By Juan Barquin
By Amy Nicholson
By Alan Scherstuhl
By Travis Cohen
By Juan Barquin
By Stephanie Zacharek
By Amy Nicholson
By Juan Barquin
Recently, Anne Washburn's astonishing Mr. Burns, a Post-Electric Play wrapped up a sold-out run at Playwrights Horizons in New York. I saw the show's world premiere in June 2012 at Woolly Mammoth Theatre Company in Washington, D.C., where I write about theater. It was one of the most imaginative and unpredictable things I'd ever witnessed on a stage, as unconventional in form as it was in content.
Reduced to a logline, Mr. Burns is about the survivors of a Book of Revelations-grade eco-catastrophe revisiting a classic episode of The Simpsons the only way they can: by performing it live from memory. As the second of the play's three acts began, I found myself in the rare and enviable position of being as bewildered as I was captivated. I hadn't a clue where the show was going. An even more profound shock awaited me at the top of the third act.
Perhaps irresponsibly, I had dispensed with my usual review assignment research and went into the show cold. Spoilers aren't something that drama critics tend to worry about, for many reasons, not least of which being that most plays that get staged have been around for a while. But Mr. Burns was both new and utterly extraordinary. I decided my review would divulge nothing that happens after the first act. I wanted my readers to have the same opportunity to discover the show's marvels that I'd had.
Many of my fellow local critics shared my admiration for Mr. Burns -- but none of them abstained from describing what I'd thought of as its secrets, often in exhaustive detail. The New York reviews last month followed a similar pattern: Of the eight or nine I read, only Ben Brantley's in the New York Times and my editor, Alan Scherstuhl's, here in the Village Voice showed any spoiler-sensitivity. But it's hard to judge the other critics harshly when Mr. Burns's playwright, director, and (here comes spoiler No. 1) composer all participated in preview coverage in Washington and later in New York that spilled their show's beans in the dutiful manner of a flight attendant demonstrating how to affix your oxygen mask. (They might've been right to think their odd show required some explanation: One theater-writer friend of mine skipped Mr. Burns in D.C. because, she told me, she doesn't like The Simpsons. Which makes as much sense as ignoring our most recent national object of spoilermania, Breaking Bad, on the grounds that you do not sell or consume crystal meth.)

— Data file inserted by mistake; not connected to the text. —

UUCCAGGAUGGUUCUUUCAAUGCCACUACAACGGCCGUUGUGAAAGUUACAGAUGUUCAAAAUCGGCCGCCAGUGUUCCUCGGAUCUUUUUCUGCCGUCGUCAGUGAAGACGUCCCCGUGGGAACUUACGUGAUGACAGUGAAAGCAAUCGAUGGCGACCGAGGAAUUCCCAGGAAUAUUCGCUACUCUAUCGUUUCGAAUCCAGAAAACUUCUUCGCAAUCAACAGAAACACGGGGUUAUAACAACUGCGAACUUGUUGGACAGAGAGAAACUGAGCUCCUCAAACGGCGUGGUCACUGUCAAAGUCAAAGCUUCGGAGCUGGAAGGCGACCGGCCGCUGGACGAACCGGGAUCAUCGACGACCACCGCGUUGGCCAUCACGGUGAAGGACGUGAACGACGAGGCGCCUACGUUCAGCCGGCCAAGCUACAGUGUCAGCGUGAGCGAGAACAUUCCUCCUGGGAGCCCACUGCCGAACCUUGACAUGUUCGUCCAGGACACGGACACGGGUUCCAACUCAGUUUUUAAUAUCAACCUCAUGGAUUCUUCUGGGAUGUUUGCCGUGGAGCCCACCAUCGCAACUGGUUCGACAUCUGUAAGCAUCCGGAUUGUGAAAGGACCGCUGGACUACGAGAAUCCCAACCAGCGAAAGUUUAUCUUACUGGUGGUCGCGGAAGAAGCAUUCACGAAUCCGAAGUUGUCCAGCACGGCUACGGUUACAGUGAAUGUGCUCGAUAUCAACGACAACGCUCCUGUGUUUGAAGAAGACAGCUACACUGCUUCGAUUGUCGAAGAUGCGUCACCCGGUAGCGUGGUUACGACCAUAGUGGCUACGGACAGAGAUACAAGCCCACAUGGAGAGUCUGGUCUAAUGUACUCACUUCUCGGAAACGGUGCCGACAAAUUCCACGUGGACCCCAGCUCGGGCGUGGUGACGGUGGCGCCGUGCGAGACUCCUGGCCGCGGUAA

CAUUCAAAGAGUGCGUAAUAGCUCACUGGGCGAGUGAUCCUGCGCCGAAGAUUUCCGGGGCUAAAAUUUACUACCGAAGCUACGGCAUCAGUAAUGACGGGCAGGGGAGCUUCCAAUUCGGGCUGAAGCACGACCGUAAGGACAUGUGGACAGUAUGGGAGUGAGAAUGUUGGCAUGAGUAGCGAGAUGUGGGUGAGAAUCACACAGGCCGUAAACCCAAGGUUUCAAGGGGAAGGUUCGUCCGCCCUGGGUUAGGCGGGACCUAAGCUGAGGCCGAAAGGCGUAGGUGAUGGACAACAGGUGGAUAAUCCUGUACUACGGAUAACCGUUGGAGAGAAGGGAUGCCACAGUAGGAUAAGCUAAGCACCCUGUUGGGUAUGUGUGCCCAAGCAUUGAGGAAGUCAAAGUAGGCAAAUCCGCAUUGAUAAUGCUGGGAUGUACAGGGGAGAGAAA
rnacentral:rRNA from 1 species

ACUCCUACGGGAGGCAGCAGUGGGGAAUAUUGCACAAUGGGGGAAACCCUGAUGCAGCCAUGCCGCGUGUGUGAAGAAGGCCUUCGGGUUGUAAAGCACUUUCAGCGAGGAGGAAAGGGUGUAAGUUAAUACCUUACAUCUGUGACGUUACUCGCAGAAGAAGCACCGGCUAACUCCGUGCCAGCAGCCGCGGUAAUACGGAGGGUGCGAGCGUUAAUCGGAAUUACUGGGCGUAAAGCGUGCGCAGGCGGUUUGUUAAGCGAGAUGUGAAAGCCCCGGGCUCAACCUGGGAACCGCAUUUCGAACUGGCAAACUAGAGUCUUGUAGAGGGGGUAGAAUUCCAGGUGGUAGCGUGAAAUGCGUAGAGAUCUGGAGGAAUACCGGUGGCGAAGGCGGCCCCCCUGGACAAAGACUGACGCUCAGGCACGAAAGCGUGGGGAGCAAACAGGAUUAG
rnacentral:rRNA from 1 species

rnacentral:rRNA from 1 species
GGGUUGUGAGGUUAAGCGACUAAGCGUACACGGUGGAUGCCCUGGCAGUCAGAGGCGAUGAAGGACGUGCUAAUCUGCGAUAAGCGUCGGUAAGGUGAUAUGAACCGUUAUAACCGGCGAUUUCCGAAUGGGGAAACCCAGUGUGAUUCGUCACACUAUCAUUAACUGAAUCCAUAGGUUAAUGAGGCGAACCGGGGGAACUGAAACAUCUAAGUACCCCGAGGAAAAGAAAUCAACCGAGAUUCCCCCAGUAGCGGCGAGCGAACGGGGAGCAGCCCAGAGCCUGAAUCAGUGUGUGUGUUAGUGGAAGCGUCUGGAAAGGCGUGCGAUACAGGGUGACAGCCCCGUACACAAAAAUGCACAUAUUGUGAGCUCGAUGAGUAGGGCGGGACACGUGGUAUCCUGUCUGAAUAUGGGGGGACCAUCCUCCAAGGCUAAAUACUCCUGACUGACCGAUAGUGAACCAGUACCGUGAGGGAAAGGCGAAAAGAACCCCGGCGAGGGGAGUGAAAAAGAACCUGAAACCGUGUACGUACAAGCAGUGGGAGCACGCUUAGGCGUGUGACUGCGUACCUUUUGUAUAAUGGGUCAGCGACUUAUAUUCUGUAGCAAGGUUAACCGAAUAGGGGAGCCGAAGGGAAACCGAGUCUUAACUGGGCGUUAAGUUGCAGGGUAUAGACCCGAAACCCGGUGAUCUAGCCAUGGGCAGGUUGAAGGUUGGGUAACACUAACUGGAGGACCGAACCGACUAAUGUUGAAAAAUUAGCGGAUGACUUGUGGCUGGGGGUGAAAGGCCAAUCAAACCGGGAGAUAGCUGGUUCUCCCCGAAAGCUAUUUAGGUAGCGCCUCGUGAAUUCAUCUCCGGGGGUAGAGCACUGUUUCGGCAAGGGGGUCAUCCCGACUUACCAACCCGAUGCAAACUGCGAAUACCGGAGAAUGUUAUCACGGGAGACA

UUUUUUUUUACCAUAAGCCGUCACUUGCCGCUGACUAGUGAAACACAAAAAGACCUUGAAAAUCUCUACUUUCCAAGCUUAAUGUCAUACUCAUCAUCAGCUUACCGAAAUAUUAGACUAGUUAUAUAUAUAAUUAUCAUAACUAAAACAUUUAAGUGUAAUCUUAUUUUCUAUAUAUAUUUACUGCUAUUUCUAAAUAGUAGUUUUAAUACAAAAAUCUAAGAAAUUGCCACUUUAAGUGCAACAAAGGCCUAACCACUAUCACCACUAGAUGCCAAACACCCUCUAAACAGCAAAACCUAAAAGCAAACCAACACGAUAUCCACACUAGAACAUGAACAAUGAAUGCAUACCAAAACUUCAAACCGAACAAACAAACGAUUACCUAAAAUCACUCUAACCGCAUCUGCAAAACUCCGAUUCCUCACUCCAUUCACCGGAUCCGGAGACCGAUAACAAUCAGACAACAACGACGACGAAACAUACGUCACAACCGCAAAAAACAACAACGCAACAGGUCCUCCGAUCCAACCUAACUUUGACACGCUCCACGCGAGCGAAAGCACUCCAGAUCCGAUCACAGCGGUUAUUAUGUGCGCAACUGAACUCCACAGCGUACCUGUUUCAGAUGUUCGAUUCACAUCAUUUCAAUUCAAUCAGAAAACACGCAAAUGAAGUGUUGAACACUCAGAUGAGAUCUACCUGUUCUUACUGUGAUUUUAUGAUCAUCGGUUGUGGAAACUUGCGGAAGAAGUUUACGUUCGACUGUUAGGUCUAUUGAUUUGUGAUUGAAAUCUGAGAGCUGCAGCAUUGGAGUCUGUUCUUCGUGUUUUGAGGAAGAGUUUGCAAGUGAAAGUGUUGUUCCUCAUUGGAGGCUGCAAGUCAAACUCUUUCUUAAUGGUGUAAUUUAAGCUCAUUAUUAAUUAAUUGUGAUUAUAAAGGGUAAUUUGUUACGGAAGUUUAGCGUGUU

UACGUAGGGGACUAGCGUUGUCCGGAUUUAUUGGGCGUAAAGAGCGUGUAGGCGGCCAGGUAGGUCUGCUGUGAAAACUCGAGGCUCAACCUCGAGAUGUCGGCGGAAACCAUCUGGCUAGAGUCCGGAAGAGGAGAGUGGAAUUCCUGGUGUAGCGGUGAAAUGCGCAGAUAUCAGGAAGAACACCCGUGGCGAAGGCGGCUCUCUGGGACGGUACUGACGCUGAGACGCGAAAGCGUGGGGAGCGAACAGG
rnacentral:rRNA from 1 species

One possible explanation for the rampant oversharing in the reviews of Mr. Burns is that critics (Brantley and me excepted, naturally) are churlish idiots. A likelier one is that no common definition of what precisely constitutes a spoiler has emerged, nor has a sense how critics -- of film, theater, books, TV, or any other narrative art -- should be obliged to treat them.
Herewith, an attempt -- or at least a gesture -- to remedy all that. Specifically, a rough and inevitably incomplete guide to the taxonomy of spoilers, with recommended guidelines for appropriate handling by reviewers. (I should clarify here that I'm talking specifically about reviews that run when the film, play, or book under consideration is new or recent. In-depth critical studies that are unlikely to be used as points of entry into the work are free to spoil away. Finally, I've refrained from addressing TV criticism at all, as "recapping" or "overnights" or what-you-will has evolved into its own specialty, one with its own evolving rules.)
The most prevalent and obvious kind. The Planet of the Apes is, in fact, a post-apocalyptic Earth. Darth Vader is Luke Skywalker's father. Tyler Durden and the unnamed narrator of Fight Club are the same person. These are revelations -- often, though not exclusively, climactic ones -- that force a reappraisal of everything we've witnessed up to that point in the story. No one who gives these away does so innocently.
Narrative spoilers abound in movies and TV shows, but are far less common in the theater, where revelation is more often internal and emotional than plot-driven. If you've never read, seen, or heard about Waiting for Godot, you might look at your program and notice that it doesn't list an actor in the role of Godot. An actor-writer friend of mine wonders why theaters give audience members a program on their way into a play instead of on their way out. It's an excellent question. I haven't seen the Playwrights Horizons program for Mr. Burns, but the one I saved from the Woolly Mammoth production contains things the audience would be better off not knowing until the play is over. Neil LaBute's The Shape of Things has a narrative spoiler. So does Stephen Adly Guirgis's The Motherfucker with the Hat and a couple of Martin McDonagh plays. Come to think of it, Mr. Burns has one, too.
Recommendation: Don't hint, don't tell. But if you have to, label them with barbed wire.
Sometimes the mere disclosure of the method by which the story is told or the genre it occupies can steal a pleasurable sense of discovery from the audience. These instances occur infrequently enough that many critics might not even think of them as spoilers. Many critics also evidently believe something I don't: that reviews should be comprehensive, addressing every aspect of the work under consideration whether the critic has something interesting to say about it not.
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